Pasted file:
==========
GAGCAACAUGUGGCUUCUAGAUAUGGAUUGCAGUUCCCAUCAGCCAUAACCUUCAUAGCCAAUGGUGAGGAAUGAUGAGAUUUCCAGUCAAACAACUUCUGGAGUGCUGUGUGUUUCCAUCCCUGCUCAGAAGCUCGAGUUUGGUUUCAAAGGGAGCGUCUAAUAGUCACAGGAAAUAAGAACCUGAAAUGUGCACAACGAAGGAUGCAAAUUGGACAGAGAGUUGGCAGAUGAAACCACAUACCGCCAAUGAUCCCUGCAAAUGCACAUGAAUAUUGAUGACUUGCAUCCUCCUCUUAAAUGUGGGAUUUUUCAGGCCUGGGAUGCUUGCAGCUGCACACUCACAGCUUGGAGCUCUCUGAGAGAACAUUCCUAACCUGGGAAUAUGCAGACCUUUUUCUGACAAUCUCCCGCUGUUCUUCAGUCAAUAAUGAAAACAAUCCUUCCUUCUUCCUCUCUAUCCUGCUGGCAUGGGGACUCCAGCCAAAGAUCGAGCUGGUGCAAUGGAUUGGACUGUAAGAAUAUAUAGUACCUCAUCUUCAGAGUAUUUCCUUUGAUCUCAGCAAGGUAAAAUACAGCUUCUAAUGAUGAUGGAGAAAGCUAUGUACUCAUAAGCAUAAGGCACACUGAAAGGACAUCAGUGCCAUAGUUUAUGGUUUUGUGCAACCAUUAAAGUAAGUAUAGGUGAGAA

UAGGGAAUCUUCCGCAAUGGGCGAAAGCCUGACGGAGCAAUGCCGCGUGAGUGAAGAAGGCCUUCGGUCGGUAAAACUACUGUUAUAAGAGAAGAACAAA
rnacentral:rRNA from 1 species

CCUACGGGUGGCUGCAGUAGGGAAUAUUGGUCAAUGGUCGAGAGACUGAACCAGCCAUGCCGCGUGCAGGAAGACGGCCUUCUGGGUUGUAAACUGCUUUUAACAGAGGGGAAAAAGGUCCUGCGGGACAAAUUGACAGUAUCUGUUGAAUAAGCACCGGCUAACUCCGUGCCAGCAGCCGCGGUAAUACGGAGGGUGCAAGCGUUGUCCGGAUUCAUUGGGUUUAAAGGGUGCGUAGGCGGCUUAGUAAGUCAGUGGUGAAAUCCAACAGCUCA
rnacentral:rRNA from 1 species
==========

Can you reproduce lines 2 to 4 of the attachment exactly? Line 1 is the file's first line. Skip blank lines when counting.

UAGGGAAUCUUCCGCAAUGGGCGAAAGCCUGACGGAGCAAUGCCGCGUGAGUGAAGAAGGCCUUCGGUCGGUAAAACUACUGUUAUAAGAGAAGAACAAA
rnacentral:rRNA from 1 species

CCUACGGGUGGCUGCAGUAGGGAAUAUUGGUCAAUGGUCGAGAGACUGAACCAGCCAUGCCGCGUGCAGGAAGACGGCCUUCUGGGUUGUAAACUGCUUUUAACAGAGGGGAAAAAGGUCCUGCGGGACAAAUUGACAGUAUCUGUUGAAUAAGCACCGGCUAACUCCGUGCCAGCAGCCGCGGUAAUACGGAGGGUGCAAGCGUUGUCCGGAUUCAUUGGGUUUAAAGGGUGCGUAGGCGGCUUAGUAAGUCAGUGGUGAAAUCCAACAGCUCA